The year 2015 produced some remarkable books in the area of Mormon Studies, demonstrating a particular flourishing of works on fostering a strong community in the face of spiritual and cultural hurdles. I've been honored to be a contributing part of several of these books, and I think collectively they answer a hunger many in the Church today feel to learn from a wide range of students of the gospel. As all but one are edited collections of essays, those whose thoughts are represented are diverse in their political viewpoints, professions, academic training, areas of focus and approaches to the gospel. It's an exciting time to be part of a growing church striving for unity among an unprecedented era of variety!
Mormon Feminism: Essential Writings. Edited by Joanna Brooks, Rachel Hunt Steenblik, and Hannah Wheelwright. (Oxford University Press, 2015.) As the editors mention in their introduction, never before have key writing on Mormon Feminism been collected or anthologized as they are in this volume. To be clear, this volume focuses on Mormon Feminism from the 1970s onward, so it offers a survey of contemporary thought, even though, I would argue, exploration of the role and potential and well-being of women is in the very roots of the Church's founding in the 19th century. Still, having key writings from such pioneering thought leaders like Claudia Bushman, Valerie Hudson, Laurel Thatcher Ulrich and Carol Lynn Pearson - as well as seeing where the thinking has been heading over the most recent years - is invaluable to anyone who is interested in following the course of modern Mormon feminism. The book offers fantastic resources for the student or class: contributor biographies, a glossary of names and terms, additional resources, group study guide, suggested readings by topic, and a comprehensive index.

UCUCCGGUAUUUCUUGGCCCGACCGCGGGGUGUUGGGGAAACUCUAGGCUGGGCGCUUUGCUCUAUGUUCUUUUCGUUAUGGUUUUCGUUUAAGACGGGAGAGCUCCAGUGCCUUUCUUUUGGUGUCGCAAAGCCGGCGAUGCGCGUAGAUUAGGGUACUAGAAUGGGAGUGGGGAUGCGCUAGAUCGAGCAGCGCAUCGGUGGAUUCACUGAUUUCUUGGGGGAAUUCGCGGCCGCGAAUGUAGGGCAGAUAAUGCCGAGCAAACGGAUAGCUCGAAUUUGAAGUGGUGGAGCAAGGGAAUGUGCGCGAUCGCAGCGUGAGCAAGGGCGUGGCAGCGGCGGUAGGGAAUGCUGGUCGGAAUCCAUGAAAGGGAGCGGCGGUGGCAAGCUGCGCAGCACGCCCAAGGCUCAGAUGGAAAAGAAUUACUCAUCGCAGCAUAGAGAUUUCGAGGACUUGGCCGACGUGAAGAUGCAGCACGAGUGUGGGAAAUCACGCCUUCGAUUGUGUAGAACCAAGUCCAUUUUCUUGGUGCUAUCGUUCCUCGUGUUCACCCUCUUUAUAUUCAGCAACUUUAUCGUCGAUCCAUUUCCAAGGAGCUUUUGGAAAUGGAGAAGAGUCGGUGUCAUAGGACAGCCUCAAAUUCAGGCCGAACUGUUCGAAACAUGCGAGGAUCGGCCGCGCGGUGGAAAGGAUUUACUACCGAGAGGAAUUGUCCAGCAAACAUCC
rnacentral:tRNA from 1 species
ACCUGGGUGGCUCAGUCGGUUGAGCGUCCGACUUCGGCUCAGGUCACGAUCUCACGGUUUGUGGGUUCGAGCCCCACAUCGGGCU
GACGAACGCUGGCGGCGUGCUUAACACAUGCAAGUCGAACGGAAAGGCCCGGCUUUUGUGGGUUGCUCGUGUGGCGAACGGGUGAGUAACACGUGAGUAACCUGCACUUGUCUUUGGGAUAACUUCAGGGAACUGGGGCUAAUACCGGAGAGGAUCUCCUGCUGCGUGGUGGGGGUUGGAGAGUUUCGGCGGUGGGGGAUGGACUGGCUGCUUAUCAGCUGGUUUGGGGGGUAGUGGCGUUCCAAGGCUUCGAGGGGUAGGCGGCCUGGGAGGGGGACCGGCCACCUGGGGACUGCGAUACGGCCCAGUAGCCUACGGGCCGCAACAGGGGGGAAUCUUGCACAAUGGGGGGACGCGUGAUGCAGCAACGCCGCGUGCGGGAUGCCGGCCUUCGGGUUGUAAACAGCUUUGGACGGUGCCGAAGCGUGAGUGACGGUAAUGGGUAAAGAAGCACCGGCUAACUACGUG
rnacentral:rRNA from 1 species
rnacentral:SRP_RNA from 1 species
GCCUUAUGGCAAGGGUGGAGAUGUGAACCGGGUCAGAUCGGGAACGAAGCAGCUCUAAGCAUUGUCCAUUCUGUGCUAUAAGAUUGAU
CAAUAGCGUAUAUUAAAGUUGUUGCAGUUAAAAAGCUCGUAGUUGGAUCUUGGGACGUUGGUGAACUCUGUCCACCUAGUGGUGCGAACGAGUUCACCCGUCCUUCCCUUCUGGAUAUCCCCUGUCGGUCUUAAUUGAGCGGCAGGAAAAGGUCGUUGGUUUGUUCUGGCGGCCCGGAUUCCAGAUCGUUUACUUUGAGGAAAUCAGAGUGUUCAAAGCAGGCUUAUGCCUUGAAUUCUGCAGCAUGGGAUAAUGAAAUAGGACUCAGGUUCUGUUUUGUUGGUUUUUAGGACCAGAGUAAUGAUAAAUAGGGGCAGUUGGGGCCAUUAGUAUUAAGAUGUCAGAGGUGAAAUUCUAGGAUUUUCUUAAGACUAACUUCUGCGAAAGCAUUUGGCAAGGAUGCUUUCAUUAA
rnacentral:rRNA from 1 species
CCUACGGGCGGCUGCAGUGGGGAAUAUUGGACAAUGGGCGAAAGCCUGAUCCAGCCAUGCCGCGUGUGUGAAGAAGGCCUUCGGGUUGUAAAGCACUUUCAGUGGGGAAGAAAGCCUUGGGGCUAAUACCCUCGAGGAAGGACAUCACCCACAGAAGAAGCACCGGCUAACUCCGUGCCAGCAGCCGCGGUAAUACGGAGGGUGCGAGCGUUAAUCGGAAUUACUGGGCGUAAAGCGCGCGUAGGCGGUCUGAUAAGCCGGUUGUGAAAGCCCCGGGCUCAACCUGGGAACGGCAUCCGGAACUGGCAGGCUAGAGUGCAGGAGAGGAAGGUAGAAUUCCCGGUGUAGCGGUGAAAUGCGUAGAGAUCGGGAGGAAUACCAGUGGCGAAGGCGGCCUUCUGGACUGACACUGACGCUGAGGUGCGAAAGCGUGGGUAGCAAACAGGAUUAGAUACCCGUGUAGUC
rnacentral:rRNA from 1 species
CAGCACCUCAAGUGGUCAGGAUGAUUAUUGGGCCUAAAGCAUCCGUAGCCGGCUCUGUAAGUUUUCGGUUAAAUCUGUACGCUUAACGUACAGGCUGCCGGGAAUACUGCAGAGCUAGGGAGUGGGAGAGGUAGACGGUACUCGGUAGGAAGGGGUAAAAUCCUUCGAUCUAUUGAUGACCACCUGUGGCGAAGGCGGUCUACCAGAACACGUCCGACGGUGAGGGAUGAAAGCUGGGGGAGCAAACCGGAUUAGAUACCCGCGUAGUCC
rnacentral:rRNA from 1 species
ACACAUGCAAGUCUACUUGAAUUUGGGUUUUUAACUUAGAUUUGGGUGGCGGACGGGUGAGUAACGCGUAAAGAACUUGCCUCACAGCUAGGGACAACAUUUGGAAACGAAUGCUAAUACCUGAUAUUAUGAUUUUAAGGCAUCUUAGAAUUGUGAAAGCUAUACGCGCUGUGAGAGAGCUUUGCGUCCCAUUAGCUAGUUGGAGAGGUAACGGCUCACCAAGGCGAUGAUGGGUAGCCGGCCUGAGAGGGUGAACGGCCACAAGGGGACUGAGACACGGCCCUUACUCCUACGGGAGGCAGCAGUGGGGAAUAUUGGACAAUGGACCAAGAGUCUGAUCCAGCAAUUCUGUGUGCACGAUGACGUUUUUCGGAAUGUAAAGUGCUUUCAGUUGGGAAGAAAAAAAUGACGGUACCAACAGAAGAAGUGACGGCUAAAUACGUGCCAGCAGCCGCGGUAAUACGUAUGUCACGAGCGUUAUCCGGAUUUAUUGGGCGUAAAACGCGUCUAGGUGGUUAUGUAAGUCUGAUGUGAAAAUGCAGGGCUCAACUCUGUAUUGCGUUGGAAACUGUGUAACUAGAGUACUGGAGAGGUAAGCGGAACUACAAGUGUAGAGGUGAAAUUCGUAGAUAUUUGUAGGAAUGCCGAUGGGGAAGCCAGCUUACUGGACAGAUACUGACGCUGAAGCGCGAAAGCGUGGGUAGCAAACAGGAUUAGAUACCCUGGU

A portion of my talk from the 2012 FAIR Mormon conference is included in the book. While the editors' introduction to my talk say my work "picks up the vision of gender difference" laid out by Margaret Toscano and Valerie Hudson, I was unaware of Toscano's work when I gave the talk and hardly thought of myself answering Hudson. I was, however, picking up threads of inspiration from Maxine Hanks, the author of the seminal 1992 book which got her excommunicated, Women and Authority: Re-Emerging Mormon Feminism. Hanks was rebaptised in 2012 and is widely considered to be a leader in women's theology, and the exclusion of any of her writings in this anthology is very strange. No study of contemporary Mormon feminism is complete without Women and Authority or Hanks' voice, so while Mormon Feminism is an essential study companion, it shouldn't stand alone on the shelf.